Vineyard Pest Alert

Saturday, July 6, 2024

 Happy Friday Dear Growers!

I hope you all had a lovely Canada Day, and enjoyed some of the festivities last week.

Let’s get right into it, as there is quite a bit to talk about.

Weather and Disease Pressure:

We will be receiving rain over the next week, so please keep vigilant about your sprays and ensure that you are well covered.

The next 4-6 weeks are peak infection periods for powdery mildew, downy mildew, and black rot. Keep an eye out for the initial signs of powdery mildew. Remember, once you see visible symptoms on vine leaves, the infection has likely already been present for about a week. Make sure to stay on schedule with your spray regimen to prevent falling behind.

For products and application rates, please access Perennia’s pest management tool here:

At this time, I would also ask growers to consider leaf thinning – especially for the vigorous varieties- to promote good airflow and spray coverage.

Vineyard Pests:

The update below is provided by Dr. Deb Moreau at Agriculture and Agri-Food Canada.


(1)     Phylloxera numbers are increasing. I am not seeing developing crawlers within galls yet, but I would expect eggs to hatch in the near future and new galls on developing tips.

(2)    Spotted wing drosphila (Drosophila suzukii), first captures in our area about a week or so ago. This is quite early to be observing sustained trap captures but base 10 heat units are well over 10-year averages. This pest can be found in grape but does require any management until much later in the season, when fruit is at risk of splitting or if there is a lot of sour rot in the block.

(3)    Leafrollers: I have seen some early leafrollers but very few in number.

(4)   Japanese Beetle: I have been finding good numbers of Japanese beetle (Popillia japonica) and in various locations within the Valley and on grape. Unfortunately, this is earlier than expected based on past years.  This is an invasive beetle, and the adults will cause feeding damage to grape leaves.

Japanese Beetle

What to look for:

·       Adult beetles average 15 mm in length

·       Metallic green head and thorax with coppery brown back

·       There are small white tufts along the sides and at the back

·       The antennae are clubbed at the end

·       Where you find one, there are often more (they tend to cluster)

·       When disturbed, they will drop to the ground.



·       Adults will feed on the upper surfaces of leaves in the top portion of the canopy

·       Extent of damage will vary but can be severe in some vines and varieties

·       New, young vines are especially vulnerable to adult feeding damage

·       In NS, we typically start seeing the adults feeding by mid-late July



·       For small blocks and where number of beetles are low, visual monitoring on the growing tips for feeding damage or adult beetles is key. Beetles can be handpicked off vines daily and placed in a small container of soapy water.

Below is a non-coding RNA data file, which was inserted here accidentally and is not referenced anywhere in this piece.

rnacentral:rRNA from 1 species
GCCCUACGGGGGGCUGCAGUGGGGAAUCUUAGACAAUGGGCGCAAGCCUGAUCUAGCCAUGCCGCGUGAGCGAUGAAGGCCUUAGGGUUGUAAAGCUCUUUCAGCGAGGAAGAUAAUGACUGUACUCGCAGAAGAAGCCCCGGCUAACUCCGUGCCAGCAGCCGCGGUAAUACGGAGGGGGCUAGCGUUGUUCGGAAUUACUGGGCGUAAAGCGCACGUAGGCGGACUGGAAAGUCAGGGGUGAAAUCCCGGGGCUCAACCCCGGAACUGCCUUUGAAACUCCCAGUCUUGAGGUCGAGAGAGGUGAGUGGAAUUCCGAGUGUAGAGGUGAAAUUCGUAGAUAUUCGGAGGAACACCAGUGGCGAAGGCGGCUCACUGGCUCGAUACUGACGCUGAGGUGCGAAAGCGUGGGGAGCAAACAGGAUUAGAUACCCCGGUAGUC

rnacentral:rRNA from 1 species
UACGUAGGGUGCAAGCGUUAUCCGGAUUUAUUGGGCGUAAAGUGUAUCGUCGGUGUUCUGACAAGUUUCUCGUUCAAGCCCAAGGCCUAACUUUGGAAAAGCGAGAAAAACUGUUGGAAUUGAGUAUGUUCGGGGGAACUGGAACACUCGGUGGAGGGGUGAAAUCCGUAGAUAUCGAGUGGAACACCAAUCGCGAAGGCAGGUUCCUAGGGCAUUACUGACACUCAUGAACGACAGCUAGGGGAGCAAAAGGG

Growers should consult the available spray guide if needing to manage higher populations over  large areas. The adults can fly, so timely targeting of sprays will be key.

Leafhoppers (grape, potato, and three banded leafhopper) are on the rise. Initial symptoms include hopper burn (browning on the leaf margins).  

Again, for effective products, access the Pest Management tool, and follow label instructions.

Precipitation, GDD and Growth Stage Updates:

Data provided by Jeff Franklin at the Kentville Research and Development Centre.  



25-Year Average


Current Year













          0.0 **










*Up to July 4, 2024


Growing degree days, base of 10 °C starting on April 1

Current Year

10-Year Average



*Up to June 6.

 Growth Stages:

Date of Assessment


L’Acadie blanc

New York Muscat


peppercorn to pea size

cap fall complete

cap fall almost complete

 Kentville Research and Development Centre.


          1) L’Acadie: 4 July2024            2) Osceola Muscat: 4 July 2024                         3) Frontenac Gris: 4 July 2024                                                                      

  • Marquette: The vigorous variety, is about peppercorn size or just smaller depending on your location.
  • L’Acadie, the benchmark is a little behind, with cap fall complete and fruit set at just about 2mm in size; Osceola Muscat looks to be just slightly ahead and NY Muscat just behind both of the white varieties.
  • Chardonnay is at about 80% cap fall and Frontenac Gris just about peppercorn size.    

Upcoming Blogs:

The next couple of blogs will be focusing on vine balance- fruit load to canopy ratio.

We have had a great start to the season, vineyards are lush, and we are seeing a heavy crop load on almost every variety. I understand that this is great news as growers look to recoup costs from the last vintage. Please keep in mind that the vines are still recovering and overbearing them with fruit will weaken them over time. We will delve more into this in the next couple of weeks.

              COVER CROP DISCUSSION AT BENJAMIN BRIDGE- 24 July @ 5:30-7pm

The date is fast approaching!

Join me and our industry panelists for a glass of wine, snacks, and an opportunity to gather some timely information.

Steve Ells, Dr. Medhi Sharifi and Caitlin Congdon will be on hand to share their expertise and answer your questions. The session is supported by the OFCAF program.

Phew! I know that this post is quite a bit to take in, so thank you for your time this week and I look forward to seeing you soon.